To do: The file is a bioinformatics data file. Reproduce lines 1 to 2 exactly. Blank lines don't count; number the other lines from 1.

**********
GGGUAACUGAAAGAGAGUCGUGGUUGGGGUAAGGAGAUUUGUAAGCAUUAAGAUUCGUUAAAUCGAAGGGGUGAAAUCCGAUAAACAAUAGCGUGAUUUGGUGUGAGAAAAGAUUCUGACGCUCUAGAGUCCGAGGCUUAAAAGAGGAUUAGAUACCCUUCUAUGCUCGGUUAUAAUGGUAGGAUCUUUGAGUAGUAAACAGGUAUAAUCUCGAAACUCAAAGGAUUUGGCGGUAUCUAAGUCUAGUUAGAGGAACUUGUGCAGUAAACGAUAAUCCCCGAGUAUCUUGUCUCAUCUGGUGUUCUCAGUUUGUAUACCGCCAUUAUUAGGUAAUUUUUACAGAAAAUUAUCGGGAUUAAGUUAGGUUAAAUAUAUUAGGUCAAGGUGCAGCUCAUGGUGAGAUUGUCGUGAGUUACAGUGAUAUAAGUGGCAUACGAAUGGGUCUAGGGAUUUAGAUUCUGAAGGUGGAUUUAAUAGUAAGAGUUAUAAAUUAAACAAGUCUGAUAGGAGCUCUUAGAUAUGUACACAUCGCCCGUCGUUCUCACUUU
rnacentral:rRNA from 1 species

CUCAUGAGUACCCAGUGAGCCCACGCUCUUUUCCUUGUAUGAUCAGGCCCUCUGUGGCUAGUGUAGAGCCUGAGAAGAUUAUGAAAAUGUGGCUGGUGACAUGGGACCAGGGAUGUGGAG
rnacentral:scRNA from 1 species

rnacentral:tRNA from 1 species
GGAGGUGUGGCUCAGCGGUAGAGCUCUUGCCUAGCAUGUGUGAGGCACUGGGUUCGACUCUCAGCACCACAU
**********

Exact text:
GGGUAACUGAAAGAGAGUCGUGGUUGGGGUAAGGAGAUUUGUAAGCAUUAAGAUUCGUUAAAUCGAAGGGGUGAAAUCCGAUAAACAAUAGCGUGAUUUGGUGUGAGAAAAGAUUCUGACGCUCUAGAGUCCGAGGCUUAAAAGAGGAUUAGAUACCCUUCUAUGCUCGGUUAUAAUGGUAGGAUCUUUGAGUAGUAAACAGGUAUAAUCUCGAAACUCAAAGGAUUUGGCGGUAUCUAAGUCUAGUUAGAGGAACUUGUGCAGUAAACGAUAAUCCCCGAGUAUCUUGUCUCAUCUGGUGUUCUCAGUUUGUAUACCGCCAUUAUUAGGUAAUUUUUACAGAAAAUUAUCGGGAUUAAGUUAGGUUAAAUAUAUUAGGUCAAGGUGCAGCUCAUGGUGAGAUUGUCGUGAGUUACAGUGAUAUAAGUGGCAUACGAAUGGGUCUAGGGAUUUAGAUUCUGAAGGUGGAUUUAAUAGUAAGAGUUAUAAAUUAAACAAGUCUGAUAGGAGCUCUUAGAUAUGUACACAUCGCCCGUCGUUCUCACUUU
rnacentral:rRNA from 1 species